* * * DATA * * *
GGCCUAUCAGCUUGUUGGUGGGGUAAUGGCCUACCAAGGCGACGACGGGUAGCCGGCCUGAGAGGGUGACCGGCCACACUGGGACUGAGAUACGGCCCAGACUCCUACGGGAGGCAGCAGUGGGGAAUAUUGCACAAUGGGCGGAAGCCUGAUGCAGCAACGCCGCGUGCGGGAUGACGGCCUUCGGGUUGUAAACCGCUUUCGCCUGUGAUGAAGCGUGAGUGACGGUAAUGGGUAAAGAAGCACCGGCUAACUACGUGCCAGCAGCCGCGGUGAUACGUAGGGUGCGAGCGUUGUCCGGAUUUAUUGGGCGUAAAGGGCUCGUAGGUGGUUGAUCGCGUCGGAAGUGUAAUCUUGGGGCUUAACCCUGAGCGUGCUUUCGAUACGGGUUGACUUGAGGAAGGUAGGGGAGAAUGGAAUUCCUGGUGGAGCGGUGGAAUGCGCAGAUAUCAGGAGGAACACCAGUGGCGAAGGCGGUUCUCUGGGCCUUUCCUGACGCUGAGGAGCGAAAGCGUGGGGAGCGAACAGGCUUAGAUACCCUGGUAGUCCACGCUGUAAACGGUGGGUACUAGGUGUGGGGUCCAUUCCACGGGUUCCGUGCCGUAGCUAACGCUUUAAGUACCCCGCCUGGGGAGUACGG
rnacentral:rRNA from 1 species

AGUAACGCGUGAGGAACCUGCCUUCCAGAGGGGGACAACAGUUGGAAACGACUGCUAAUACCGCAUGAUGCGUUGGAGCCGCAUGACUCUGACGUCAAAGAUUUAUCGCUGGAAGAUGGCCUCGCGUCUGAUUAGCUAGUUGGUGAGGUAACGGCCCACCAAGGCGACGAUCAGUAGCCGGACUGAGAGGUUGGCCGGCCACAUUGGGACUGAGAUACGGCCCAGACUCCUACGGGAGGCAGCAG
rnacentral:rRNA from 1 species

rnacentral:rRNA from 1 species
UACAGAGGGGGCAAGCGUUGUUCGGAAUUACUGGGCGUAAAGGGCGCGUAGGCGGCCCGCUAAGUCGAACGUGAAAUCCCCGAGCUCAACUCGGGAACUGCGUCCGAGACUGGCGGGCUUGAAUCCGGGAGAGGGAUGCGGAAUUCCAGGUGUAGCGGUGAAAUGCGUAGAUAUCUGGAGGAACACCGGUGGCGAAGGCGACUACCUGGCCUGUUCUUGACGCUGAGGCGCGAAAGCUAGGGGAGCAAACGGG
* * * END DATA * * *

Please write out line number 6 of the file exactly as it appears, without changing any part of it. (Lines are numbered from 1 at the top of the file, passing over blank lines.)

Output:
UACAGAGGGGGCAAGCGUUGUUCGGAAUUACUGGGCGUAAAGGGCGCGUAGGCGGCCCGCUAAGUCGAACGUGAAAUCCCCGAGCUCAACUCGGGAACUGCGUCCGAGACUGGCGGGCUUGAAUCCGGGAGAGGGAUGCGGAAUUCCAGGUGUAGCGGUGAAAUGCGUAGAUAUCUGGAGGAACACCGGUGGCGAAGGCGACUACCUGGCCUGUUCUUGACGCUGAGGCGCGAAAGCUAGGGGAGCAAACGGG